California lawmakers to vote on Diablo Canyon life extension

August 29, 2022, 3:00PMNuclear News
California's Diablo Canyon nuclear power plant.

A bill to extend operations at California’s Diablo Canyon nuclear plant beyond 2025 debuted last evening in the California legislature. Lawmakers have until Wednesday—the end of the current legislative session—to vote on the measure.

Coauthored by State Sen. Bill Dodd (D., Napa) and Assemblymember Jordan Cunningham (R., San Luis Obispo), Senate Bill 846 includes a $1.4 billion forgivable loan to Pacific Gas and Electric (PG&E), the plant’s owner and operator, matching the amount in the August 12 proposal from Calif. Gov. Gavin Newsom. Instead of Newsom’s proposed option for a 10-year life extension for the facility, however, SB 846 would keep the plant running for an additional five years only.

From the bill: “Preserving the option of continued operations of the Diablo Canyon power plant for an additional five years beyond 2025 may be necessary to improve statewide energy system reliability and to reduce the emissions of greenhouse gases while additional renewable energy and zero-carbon resources come on line, until those new renewable energy and zero-carbon resources are adequate to meet demand,” SB 846 states. “Accordingly, it is the policy of the legislature that seeking to extend the Diablo Canyon power plant’s operations for a renewed license term is prudent, cost effective, and in the best interests of all California electricity customers. The legislature anticipates that this stopgap measure will not be needed for more than five years beyond the current expiration dates.”

SB 846 also says that should the expected benefits of Diablo Canyon life extension “fail to materialize or costs to operate the plant increase significantly as determined by the [California] Public Utilities Commission, the state will plan for an earlier decommissioning date that also safeguards electrical reliability in the state.”

Further, the bill allows the commission to set new retirement dates or reimpose current shutdown dates of 2024 and 2025 for a number of reasons. For instance, according to SB 846, “If the commission determines that new renewable energy and zero-carbon resources that are adequate to substitute for the Diablo Canyon power plant and that meet the state’s planning standards for energy reliability have already been constructed and interconnected by the time of its decision, the commission may issue an order that reestablishes the current expiration dates as the retirement date.”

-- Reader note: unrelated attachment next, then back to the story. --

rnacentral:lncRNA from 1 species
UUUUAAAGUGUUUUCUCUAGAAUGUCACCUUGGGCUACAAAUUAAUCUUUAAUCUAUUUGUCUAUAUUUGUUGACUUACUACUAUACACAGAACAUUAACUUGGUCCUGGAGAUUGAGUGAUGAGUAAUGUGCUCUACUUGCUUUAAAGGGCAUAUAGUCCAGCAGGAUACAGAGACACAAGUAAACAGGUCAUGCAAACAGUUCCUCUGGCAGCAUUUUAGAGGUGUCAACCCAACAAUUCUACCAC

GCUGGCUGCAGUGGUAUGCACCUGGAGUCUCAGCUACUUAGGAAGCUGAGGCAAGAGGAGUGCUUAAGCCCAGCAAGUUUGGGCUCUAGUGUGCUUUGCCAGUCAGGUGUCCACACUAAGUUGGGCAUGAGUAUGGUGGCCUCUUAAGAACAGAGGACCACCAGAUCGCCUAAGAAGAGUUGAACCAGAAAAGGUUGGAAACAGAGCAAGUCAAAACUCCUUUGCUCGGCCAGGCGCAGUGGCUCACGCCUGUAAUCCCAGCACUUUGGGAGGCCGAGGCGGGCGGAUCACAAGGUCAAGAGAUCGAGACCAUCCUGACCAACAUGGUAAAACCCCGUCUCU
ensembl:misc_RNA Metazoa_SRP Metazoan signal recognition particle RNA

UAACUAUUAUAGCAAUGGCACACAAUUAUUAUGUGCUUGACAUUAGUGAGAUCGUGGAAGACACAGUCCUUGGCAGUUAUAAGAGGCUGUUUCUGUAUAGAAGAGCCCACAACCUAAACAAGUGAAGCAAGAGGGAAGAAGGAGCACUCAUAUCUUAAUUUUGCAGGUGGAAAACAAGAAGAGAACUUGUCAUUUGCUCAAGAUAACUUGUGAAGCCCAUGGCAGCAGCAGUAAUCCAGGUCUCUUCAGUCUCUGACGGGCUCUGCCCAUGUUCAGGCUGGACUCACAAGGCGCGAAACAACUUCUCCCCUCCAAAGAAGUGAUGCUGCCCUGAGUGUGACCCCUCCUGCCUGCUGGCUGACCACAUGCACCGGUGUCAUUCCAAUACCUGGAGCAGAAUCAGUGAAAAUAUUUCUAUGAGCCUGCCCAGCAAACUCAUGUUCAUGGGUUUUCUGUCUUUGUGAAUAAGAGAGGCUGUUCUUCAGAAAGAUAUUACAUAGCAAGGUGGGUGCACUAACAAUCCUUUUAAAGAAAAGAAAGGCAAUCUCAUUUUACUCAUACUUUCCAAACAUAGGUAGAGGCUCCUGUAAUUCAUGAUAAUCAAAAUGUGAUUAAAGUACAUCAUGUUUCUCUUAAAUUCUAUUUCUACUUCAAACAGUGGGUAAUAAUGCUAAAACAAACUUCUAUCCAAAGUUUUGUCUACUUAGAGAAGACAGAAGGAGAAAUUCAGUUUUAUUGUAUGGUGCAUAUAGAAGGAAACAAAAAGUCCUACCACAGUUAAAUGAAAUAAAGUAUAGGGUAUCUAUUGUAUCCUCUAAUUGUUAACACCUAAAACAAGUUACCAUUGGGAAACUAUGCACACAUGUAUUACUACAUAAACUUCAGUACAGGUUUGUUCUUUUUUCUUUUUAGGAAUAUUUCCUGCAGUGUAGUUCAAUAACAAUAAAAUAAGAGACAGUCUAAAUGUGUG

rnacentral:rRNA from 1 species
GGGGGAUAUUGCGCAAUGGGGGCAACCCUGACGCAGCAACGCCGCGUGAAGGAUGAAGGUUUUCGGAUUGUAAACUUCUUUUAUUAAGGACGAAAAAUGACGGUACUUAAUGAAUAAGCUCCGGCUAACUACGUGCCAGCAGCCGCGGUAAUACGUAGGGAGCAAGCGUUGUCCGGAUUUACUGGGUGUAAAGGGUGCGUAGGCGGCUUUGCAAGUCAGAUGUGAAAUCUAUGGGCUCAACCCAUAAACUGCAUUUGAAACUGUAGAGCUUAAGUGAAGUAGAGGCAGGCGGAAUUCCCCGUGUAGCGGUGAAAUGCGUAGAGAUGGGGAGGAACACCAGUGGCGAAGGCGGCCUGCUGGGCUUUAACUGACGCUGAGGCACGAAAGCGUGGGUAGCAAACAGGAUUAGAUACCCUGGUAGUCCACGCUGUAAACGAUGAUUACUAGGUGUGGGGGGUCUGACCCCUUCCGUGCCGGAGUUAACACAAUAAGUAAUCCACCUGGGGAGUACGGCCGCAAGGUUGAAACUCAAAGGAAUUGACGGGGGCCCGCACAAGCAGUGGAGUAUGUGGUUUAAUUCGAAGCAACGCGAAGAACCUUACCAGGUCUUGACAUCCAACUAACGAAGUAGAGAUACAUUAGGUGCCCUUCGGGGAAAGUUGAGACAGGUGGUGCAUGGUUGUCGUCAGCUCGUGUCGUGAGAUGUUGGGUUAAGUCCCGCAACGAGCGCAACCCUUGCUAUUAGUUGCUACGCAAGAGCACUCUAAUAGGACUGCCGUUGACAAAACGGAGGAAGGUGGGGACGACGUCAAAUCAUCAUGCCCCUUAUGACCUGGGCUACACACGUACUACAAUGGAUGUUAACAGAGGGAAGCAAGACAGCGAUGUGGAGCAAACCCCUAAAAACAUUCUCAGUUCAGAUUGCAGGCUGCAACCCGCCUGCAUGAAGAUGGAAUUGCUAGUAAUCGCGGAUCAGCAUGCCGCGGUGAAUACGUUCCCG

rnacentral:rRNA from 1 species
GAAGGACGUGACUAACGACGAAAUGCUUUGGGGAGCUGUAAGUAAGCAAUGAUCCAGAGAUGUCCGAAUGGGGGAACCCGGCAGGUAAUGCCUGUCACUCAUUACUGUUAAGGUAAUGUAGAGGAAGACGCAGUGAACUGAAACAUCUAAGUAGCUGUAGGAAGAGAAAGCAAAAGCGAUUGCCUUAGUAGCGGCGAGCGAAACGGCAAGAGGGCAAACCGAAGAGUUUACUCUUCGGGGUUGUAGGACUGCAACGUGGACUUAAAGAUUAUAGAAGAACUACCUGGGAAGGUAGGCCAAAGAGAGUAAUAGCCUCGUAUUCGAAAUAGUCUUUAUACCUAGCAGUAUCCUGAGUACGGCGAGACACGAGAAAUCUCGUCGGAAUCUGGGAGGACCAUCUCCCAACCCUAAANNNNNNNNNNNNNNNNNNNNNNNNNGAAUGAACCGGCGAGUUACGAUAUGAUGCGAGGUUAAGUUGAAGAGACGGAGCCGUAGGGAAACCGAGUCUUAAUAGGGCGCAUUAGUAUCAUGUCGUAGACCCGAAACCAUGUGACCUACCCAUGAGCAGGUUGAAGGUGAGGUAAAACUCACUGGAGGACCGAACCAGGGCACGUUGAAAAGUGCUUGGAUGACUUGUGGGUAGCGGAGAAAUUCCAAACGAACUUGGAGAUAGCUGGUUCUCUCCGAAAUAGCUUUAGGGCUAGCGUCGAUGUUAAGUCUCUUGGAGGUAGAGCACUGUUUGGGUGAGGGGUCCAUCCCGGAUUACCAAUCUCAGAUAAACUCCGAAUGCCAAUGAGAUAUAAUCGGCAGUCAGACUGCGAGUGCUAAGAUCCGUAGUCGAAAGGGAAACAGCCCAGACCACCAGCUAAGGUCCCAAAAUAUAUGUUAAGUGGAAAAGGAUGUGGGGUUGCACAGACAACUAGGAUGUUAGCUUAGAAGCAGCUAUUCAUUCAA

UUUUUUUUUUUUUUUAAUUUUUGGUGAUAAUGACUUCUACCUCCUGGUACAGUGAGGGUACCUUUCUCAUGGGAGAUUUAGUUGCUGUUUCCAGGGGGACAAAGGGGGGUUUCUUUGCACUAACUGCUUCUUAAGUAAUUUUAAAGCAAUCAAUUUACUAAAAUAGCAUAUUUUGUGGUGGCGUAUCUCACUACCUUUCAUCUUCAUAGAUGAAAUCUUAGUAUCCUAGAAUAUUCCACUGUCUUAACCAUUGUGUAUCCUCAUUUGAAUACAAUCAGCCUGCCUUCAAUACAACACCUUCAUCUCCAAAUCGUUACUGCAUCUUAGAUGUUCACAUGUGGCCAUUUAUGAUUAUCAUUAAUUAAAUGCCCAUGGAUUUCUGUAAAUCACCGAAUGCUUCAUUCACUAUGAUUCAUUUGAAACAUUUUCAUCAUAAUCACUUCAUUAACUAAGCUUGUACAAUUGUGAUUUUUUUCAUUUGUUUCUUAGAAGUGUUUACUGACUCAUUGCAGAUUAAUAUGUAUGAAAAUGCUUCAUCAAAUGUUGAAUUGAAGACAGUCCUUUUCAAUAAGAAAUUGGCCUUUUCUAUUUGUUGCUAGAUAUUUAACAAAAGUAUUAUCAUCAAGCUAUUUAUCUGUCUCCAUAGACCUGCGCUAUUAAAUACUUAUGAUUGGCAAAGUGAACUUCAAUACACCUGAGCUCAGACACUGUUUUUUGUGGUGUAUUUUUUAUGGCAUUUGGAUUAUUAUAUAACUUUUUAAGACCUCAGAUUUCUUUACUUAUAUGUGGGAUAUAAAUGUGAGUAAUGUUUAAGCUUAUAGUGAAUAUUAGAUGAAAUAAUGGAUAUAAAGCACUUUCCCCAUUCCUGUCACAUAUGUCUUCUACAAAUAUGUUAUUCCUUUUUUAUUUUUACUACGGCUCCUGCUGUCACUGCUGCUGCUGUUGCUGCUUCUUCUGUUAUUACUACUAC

From ANS: The American Nuclear Society this morning issued a letter to the California legislature on SB 846, urging its passage. “Diablo Canyon’s 2,240 megawatts of baseload power constitutes approximately 17 percent of California’s greenhouse-gas-free electricity supply and nearly 9 percent of California’s total electricity supply,” wrote ANS President Steven Arndt and Executive Director/CEO Craig Piercy. “Diablo Canyon remains an important source of safe, reliable, and dispatchable zero-emissions electricity. . . . The state cannot afford to limit its decarbonization strategy to solar, wind, geothermal, and battery technologies. Intermittent sources alone cannot do the job. A clean, affordable, and reliable grid requires a strong backbone of always-on and available baseload generation like Diablo Canyon.”

Background: Located near Avila Beach, Calif., Diablo Canyon houses two four-loop Westinghouse pressurized water reactors. Unit 1, a 1,138-MWe PWR, began commercial operation in May 1985, while the 1,151-MWe Unit 2 started providing power in March of the following year.

In June 2016, PG&E announced that it had reached an agreement with organized labor and environmental organizations to increase its investment in energy efficiency and storage, as well as renewables, and to close Diablo Canyon upon the expiration of the reactors’ operating licenses—November 2024 for Unit 1 and August 2025 for Unit 2. PG&E’s application to close the plant was approved by the California Public Utilities Commission in January 2018, and in March of that year, the utility notified the Nuclear Regulatory Commission that it was withdrawing its 2009 application for license extension.


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